From casual roots to hosting an international summit, the Route 66 Harmonica Club shows just how cool harmonicas can be.
David Berntson, a professional harmonica player and the former president of the group, and Jimmy Markham attended an out-of-state harmonica showcase in 2009 and decided to increase the numbers of those playing the mouth organ in Green Country.
“Tulsa is rich with gifted harmonica players with diverse styles,” Berntson says. “The majority are blues players. We call ourselves the Route 66 Harmonica Club because of our connection to the musical mother road. Our focus is on service to others, especially young people.
“The club provides opportunities for hundreds of kids and adults to learn about the harmonica through workshops and performances. We give lots of [harmonicas] to folks young and old in our community.”
The classic children’s book Lentil by Robert McCloskey is about a young boy who can’t sing, can’t even pucker his lips to whistle – but who can blow into a harmonica. A line from the story is a favorite of both Berntson and Brian Walker, the current Route 66 Harmonica Club president: “[S]o you never can tell what will happen when you learn to play the harmonica.”
“Showing people, especially children, how to play a harmonica is really special to the club,” Walker says. “David does a Blues In Schools program and passes out free harmonicas there, teaching kids to play simple songs.”
The club meets monthly and puts on a yearly spring summit, bringing in performers with seminars in the day and evening performances. The event is usually held at the Oklahoma Jazz Hall of Fame, but “last year we deviated because we were bringing in the Society for the Preservation and Advancement of Harmonica with an international convention and needed more space for more than 500 attendees from all over the world,” Walker says. “We worked with the Hyatt Regency in downtown Tulsa. The headliner was Sugar Blue, [who] worked with the Rolling Stones.”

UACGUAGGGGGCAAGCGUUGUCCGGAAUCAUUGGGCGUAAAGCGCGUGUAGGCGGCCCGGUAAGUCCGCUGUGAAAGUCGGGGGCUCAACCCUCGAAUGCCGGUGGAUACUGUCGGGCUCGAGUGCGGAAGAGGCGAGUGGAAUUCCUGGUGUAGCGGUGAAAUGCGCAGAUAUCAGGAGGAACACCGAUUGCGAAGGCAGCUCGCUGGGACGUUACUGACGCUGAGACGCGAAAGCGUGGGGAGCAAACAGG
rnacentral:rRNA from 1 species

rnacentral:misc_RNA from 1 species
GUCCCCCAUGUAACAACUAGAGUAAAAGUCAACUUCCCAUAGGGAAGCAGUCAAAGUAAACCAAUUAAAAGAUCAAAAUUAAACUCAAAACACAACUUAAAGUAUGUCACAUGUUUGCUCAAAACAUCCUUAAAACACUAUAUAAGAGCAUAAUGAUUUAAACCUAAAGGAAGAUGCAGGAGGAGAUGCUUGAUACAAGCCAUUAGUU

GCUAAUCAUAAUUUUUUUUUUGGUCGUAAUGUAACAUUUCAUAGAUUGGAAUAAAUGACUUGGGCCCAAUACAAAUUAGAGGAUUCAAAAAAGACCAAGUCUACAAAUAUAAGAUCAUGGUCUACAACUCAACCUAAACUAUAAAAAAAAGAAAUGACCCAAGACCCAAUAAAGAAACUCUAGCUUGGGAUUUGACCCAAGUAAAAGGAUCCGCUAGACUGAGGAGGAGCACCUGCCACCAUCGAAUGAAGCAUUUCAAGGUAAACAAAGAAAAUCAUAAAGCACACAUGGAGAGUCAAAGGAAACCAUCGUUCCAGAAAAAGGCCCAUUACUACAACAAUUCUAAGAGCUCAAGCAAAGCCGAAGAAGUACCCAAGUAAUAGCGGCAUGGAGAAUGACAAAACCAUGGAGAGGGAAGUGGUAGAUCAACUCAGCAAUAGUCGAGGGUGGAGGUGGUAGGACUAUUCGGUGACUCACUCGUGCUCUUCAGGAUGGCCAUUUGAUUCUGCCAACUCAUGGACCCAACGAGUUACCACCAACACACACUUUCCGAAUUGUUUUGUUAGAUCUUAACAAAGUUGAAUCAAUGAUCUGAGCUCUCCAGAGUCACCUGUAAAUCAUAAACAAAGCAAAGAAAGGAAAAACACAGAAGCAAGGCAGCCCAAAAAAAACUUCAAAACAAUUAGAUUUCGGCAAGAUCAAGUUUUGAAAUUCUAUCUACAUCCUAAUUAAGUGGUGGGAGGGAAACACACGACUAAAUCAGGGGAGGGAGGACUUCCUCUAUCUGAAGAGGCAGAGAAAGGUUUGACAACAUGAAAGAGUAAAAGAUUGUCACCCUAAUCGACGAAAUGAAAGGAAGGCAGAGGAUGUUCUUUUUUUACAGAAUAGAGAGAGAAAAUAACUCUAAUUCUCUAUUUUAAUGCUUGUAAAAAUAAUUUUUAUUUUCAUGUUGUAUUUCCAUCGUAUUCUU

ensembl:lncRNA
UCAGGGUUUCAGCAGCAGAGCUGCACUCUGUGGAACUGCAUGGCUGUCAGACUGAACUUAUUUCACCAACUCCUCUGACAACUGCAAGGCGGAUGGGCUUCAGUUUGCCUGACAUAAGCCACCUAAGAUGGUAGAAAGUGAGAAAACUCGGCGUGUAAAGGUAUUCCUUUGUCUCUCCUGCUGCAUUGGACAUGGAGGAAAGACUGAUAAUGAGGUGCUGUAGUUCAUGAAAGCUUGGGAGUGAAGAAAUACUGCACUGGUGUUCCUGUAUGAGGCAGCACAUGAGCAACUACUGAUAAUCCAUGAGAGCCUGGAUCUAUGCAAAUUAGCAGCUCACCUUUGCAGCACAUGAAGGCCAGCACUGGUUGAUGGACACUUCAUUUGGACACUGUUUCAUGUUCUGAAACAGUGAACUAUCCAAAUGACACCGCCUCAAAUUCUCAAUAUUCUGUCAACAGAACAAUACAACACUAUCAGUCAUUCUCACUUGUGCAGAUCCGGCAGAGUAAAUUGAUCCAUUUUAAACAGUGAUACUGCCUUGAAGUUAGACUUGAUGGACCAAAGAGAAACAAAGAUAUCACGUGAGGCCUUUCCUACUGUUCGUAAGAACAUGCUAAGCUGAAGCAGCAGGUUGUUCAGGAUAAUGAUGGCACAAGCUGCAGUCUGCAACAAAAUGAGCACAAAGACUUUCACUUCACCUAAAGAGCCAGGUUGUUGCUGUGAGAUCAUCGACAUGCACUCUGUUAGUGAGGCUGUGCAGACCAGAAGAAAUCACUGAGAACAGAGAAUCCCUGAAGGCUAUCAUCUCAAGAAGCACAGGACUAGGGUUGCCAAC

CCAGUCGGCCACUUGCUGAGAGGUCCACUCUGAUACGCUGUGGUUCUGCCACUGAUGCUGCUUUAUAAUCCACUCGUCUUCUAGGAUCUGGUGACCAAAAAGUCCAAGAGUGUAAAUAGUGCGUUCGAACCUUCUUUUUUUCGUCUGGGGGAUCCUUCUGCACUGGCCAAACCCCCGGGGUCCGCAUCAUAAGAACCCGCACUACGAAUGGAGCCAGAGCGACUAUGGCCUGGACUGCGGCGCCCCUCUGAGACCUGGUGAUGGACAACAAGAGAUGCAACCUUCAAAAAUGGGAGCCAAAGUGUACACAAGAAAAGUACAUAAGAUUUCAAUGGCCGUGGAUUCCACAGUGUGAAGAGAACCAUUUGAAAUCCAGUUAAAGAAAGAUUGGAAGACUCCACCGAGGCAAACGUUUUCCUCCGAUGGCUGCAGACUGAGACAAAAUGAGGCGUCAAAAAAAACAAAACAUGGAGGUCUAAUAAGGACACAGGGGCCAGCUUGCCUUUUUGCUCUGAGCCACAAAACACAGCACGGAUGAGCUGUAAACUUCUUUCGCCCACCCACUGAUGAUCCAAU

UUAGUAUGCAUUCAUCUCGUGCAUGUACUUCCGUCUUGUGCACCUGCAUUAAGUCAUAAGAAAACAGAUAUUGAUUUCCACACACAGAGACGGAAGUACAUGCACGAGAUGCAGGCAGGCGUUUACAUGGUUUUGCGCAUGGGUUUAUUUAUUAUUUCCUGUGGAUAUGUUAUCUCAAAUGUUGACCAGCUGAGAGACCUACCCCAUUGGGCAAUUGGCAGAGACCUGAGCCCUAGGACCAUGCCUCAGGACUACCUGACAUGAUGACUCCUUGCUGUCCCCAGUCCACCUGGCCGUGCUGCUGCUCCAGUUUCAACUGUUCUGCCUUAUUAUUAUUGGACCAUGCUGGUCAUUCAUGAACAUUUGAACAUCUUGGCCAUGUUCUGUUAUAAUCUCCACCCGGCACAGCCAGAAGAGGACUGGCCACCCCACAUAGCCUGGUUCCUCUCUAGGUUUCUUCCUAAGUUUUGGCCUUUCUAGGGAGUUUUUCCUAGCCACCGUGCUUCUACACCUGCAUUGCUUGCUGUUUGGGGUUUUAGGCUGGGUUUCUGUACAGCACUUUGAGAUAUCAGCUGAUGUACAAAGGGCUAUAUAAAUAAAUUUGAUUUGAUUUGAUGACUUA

Walker isn’t a professional musician, but “I’ve always played an instrument and I always liked the sound of blues harmonica and picked it up in the early 2000s, learning mostly on my own. I just enjoy it with a passion, especially the blues. There is a lot of up-and-coming blues musicianship in Tulsa.”
Often associated with the blues, the harmonica is also a component for other genres, Walker says. The club has a group within the club, the Melody Makers, which focuses on traditional tunes rather than improvisational blues style. The group has outreach programs at senior facilities and the Children’s Hospital at Saint Francis.
As of this writing, the 2018 event for the club isn’t set, but the group will attend the annual international harmonica summit in St. Louis. Other club highlights this year include a two-hour workshop with Nashville’s Tim Gonzalez and his Latin-style harmonica.